After giving a presentation recently on epic customer experiences, I was asked, “If customer experience is so critical, why do so many companies still suck at it?” Though lighthearted, I think the question deserves serious attention. That’s why I’m kicking off a three part series on the key obstacles that hinder companies from delivering the experiences customers want.
Digital customer experience is the new differentiator among similar brands and products. The quality of your mobile and online interactions can determine whether a visitor abandons your site for a competitor, switches to a mobile site or app, or gives up altogether. Research shows this is very costly for businesses in the short and long term: Not only do you lose an immediate sale or client, you lose their continued engagement and possible loyalty.
So why do so many brands still face usability problems, make poor first impressions, lose touch across different purchase phases, and fail to integrate online and offline services? The first key roadblocks are organizational silos and conflicting key performance indicators (KPIs).
How Silos and Differing KPIs Will Slow You Down
Company X keeps its marketing and sales departments separate, and measures and motivates their progress with different goals and rewards. The marketing silo is busy measuring social media engagement and publishing thought leadership, while the sales silo is optimizing and tracking landing page conversions. The efforts from marketing may be influencing and enabling conversions, but they never see the sales data, focusing instead on followers and readership.
Many firms take a piecemeal approach to delivering digital capabilities, with competing functional groups all vying for digital supremacy and each group seeking to optimize a specific aspect of digital business: sales, interactive marketing, social media, loyalty, CRM, etc. The result? Slower and diminished delivery of next-generation customer experiences.”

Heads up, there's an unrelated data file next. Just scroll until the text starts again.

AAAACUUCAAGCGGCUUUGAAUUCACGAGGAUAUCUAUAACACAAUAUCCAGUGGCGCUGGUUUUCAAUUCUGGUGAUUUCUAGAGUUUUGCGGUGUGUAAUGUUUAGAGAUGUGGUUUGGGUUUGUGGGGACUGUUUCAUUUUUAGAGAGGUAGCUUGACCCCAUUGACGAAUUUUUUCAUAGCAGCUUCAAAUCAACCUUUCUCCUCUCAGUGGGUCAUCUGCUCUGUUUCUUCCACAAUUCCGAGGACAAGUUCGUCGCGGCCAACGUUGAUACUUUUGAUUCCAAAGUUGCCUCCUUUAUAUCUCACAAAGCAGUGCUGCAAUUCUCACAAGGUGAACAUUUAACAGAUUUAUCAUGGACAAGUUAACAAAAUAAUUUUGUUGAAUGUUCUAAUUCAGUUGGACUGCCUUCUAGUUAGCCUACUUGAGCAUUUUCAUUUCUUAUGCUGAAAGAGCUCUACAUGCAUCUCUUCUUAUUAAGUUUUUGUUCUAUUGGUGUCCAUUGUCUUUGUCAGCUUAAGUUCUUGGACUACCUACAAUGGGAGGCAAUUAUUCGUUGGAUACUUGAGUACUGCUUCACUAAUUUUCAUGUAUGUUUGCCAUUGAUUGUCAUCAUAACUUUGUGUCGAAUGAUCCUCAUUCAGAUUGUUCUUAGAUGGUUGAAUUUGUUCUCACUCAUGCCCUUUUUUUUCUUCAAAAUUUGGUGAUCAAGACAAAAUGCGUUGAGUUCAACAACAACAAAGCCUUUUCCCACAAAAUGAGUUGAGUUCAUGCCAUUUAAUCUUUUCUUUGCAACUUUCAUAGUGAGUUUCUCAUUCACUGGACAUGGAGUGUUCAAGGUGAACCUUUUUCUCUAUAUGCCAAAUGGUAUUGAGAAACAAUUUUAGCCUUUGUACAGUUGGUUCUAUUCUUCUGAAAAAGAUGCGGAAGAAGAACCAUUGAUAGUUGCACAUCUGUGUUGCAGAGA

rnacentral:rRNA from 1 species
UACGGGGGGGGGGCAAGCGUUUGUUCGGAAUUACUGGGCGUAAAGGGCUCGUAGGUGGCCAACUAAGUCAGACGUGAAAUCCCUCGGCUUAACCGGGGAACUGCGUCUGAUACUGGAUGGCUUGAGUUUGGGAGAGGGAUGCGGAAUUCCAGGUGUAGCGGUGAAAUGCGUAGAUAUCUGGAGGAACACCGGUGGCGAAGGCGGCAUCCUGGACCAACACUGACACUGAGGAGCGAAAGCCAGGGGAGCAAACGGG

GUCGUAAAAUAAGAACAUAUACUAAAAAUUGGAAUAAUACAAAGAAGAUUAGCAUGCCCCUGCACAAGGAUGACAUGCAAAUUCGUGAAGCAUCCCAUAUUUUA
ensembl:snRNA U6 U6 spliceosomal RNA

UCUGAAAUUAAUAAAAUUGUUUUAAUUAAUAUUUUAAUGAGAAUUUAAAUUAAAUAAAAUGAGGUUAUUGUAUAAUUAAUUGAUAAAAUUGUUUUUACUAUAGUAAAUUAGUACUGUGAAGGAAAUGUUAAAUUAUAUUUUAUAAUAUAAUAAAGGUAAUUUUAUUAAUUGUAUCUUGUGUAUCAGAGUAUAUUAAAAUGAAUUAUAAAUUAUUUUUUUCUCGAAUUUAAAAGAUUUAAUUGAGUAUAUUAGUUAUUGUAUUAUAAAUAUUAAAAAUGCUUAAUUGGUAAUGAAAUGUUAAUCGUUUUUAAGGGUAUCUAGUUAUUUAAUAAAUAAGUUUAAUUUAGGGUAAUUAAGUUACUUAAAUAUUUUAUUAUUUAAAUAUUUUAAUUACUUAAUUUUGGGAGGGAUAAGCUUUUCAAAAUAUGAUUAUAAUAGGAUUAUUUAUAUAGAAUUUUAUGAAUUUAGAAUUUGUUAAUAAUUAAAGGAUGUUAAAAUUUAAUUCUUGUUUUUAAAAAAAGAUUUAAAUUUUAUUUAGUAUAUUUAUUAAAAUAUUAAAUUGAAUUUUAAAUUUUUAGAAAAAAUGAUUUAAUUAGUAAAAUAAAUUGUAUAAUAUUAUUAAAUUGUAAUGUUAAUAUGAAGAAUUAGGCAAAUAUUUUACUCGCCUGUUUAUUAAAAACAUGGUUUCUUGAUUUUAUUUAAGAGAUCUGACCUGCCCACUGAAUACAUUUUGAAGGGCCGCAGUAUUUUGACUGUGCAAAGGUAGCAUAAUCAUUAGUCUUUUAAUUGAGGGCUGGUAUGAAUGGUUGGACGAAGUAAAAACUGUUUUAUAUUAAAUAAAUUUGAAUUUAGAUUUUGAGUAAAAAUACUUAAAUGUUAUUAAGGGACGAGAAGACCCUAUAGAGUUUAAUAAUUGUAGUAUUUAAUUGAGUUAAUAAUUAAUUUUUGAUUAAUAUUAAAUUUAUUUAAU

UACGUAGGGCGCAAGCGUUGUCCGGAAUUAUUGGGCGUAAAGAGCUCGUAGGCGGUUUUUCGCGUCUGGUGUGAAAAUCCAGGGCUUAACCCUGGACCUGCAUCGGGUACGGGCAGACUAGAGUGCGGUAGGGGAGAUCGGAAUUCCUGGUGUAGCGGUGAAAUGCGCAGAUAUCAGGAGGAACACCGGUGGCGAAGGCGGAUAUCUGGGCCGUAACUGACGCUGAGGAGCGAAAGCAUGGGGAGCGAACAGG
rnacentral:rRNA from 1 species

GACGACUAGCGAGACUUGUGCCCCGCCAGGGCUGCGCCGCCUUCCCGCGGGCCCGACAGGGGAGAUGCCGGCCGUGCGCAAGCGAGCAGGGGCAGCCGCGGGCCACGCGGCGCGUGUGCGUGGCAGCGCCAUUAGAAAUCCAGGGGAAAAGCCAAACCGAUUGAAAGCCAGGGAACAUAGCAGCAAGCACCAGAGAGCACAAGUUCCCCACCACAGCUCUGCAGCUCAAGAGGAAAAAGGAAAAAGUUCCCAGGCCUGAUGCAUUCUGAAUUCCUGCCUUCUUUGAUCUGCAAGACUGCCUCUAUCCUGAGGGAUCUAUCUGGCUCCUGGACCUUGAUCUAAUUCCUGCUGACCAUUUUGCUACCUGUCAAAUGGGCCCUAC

How exactly do business silos manifest in poor customer experiences? The two examples below demonstrate just some of the ways customer experience is negatively impacted by a lack of team spirit.
1. Customers see irrelevant offers that don’t speak to their needs.
GE Healthcare initially experienced the negative effects of silos when they created their Performance Solutions unit “to sell consulting services packaged with imaging equipment as integrated solutions.” The package was attractive to customers, but the equipment salespeople — working in a separate unit from Performance Solutions — weren’t versed in the value of consulting. When they made their usual outbound calls, they didn’t know how to sell the additional service, and “were reluctant to allow Performance Solutions salespeople to contact their customers.” In the end, GE could only truly offer its customers solutions after they had solved the knowledge and communication barriers between units.
GE Healthcare’s sales speedbump parallels what happens to digital customer experiences when silos prevent cooperation: the customer doesn’t receive all the information and value that might set you apart from competitors and help them trust in your service the next time around.
GE Healthcare decided to stop viewing solutions “through the lens of its own products” and see them from the customer’s perspective. This meant realigning their sales units to emphasize consulting services — what most customers wanted — over specific GE equipment. When each unit takes a customer-centric approach, companies as a whole can transcend silos and find themselves working toward a shared sales goal with greater precision and efficiency.
2. Customers get mixed messages and irrelevant information
In some cases, a company’s internal silos are reflected in the design and navigation of websites and mobile apps. Gerry McGovern wrote about a time his team tested a website full of vague and confusing headings. When asked why the company had sections titled “Resources,” “Tools” and “Solutions,” they responded that each was for a “special unit of the organization.” Each unit preferred to have their own section because this made content easier to manage. But it made things harder for visitors, who couldn't find the information they actually wanted, or move smoothly toward engagement.
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